Injury dashes Ricks’ Rio hopes
By Henry Luzzatto
Keith Ricks is a man set on his goals. That means that even though an injury made him lose out on his chance to participate at the 2016 Olympic Games, he remains positive.
“For me, it’s been pretty positive,” he said. “It’s not necessarily the end of the road. I have the world championship next year, which is what I’m focusing on now.”
Ricks, a Suffolk native and graduate of King’s Fork High School, had booked a place at the Olympic trials this week in Oregon. However, the world-class track runner had to withdraw from the competition after re-aggravating a hamstring injury that had plagued him since February.
“It happened initially during the indoor track season,” he said, “I trained through it and tried to race a couple times, but it kept nagging at me.”
The 25-year-old Ricks participated in the 2012 Olympic trials, reaching the semi-final of the 200-meter race in the event.
Ricks was booked to run two different races in the 2016 trials: the 100-meter and the 200-meter. He said he was able to focus equally on both events, even though most track runners focus on a single race.
“It’s not too hard to train both,” he said. “Though it gets a little challenging when you have to run both in the same weekend.”
Ricks joked that he really should be running the longer 400-meter race because of his body type, but he said the shorter sprints came more naturally to him.
“The 100 is my favorite event to run,” he said.
Though Ricks won’t be able to participate in the events, he said he will still be watching and cheering on fellow Hampton Roads native LaShawn Merritt.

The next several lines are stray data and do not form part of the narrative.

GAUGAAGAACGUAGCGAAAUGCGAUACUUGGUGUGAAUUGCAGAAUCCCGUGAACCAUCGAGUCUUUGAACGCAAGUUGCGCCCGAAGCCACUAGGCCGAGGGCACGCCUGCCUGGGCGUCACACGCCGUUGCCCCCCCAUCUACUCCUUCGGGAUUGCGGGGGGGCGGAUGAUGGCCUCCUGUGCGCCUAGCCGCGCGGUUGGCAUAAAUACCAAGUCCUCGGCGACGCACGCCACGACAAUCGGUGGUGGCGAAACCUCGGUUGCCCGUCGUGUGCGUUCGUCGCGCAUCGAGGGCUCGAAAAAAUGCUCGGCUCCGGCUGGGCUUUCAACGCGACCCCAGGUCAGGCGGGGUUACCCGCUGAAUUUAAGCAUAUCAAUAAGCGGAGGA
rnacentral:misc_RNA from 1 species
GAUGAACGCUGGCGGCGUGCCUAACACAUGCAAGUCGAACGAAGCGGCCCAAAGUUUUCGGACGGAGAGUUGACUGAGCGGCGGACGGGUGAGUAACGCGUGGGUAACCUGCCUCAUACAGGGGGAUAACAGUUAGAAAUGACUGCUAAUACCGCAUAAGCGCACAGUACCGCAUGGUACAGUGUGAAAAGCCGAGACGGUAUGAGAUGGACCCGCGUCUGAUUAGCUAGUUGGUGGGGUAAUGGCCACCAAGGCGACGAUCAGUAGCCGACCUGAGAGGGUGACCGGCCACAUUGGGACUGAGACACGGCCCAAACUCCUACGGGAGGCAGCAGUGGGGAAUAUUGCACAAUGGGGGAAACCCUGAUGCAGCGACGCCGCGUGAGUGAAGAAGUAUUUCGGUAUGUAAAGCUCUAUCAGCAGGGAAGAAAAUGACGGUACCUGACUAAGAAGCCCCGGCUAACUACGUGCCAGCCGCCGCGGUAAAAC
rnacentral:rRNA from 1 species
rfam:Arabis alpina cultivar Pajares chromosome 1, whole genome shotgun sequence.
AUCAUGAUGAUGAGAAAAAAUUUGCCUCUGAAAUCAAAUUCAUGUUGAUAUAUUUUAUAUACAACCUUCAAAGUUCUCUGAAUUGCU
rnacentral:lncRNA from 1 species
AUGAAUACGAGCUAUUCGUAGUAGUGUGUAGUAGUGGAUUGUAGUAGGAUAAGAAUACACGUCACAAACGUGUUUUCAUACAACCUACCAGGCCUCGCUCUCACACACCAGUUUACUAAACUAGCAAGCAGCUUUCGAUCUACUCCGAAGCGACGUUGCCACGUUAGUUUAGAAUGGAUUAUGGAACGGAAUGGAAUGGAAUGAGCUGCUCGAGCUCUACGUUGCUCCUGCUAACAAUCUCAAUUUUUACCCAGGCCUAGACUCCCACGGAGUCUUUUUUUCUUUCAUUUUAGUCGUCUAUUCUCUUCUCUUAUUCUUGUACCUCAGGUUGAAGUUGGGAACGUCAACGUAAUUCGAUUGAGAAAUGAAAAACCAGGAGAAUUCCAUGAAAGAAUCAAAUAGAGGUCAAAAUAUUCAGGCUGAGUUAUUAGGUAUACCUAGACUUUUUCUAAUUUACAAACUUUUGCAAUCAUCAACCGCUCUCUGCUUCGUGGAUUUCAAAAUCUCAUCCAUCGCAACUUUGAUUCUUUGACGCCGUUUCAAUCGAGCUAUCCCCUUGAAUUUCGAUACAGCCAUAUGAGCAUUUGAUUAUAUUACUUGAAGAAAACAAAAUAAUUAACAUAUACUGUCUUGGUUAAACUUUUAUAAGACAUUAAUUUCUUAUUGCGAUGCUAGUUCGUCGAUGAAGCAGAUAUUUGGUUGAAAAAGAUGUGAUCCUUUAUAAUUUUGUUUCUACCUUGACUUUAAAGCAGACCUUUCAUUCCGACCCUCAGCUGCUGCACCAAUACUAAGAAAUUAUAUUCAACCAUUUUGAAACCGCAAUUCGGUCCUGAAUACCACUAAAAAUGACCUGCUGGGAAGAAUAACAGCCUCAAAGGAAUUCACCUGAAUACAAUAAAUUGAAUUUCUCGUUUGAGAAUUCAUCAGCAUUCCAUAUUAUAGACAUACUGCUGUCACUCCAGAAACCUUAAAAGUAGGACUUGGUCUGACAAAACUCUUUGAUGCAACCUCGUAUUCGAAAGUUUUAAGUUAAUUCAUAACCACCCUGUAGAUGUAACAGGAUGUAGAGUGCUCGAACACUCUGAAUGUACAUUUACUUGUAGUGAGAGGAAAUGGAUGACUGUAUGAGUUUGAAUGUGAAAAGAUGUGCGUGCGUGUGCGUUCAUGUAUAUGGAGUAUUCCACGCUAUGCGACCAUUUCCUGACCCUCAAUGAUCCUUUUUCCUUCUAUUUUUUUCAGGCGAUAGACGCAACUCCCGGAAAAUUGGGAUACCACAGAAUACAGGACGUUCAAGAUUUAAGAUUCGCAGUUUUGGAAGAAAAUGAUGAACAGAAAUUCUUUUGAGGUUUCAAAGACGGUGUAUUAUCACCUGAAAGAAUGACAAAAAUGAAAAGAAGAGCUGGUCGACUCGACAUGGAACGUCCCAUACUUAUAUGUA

“We’re from the same area, so I always root for him and hope he does well,” he said. “We would be racing together in the 200,” he said. Both Ricks and Merritt participate in the 200-meter event.
Ricks said his focus for now is getting back up to 100-percent fitness to participate in the world championships.
“I’m trying not to get hurt again,” he said. “You can’t run fast if you’re injured.”
Ricks said he had hoped to be able to post 100-meter times under 10 seconds, which he says would be fast enough to compete with the best in the country.
“You can see where the other guys stand, and sub-10s would make the Olympic games,” he said.
Last month, Ricks, who works at the North Suffolk Dick’s Sporting Goods store, participated in field day at Kilby Shores Elementary School, teaching them different events and the importance of fitness. He said the experience was a great way to give back and hopefully motivate others to work as hard as he has.
“I would say the best advice is to always have a dream and build on it for your future goals,” Ricks said.
As for Ricks, he will keep building for his future, too.
“It’s far off,” he said, “but who knows what will happen in four years?”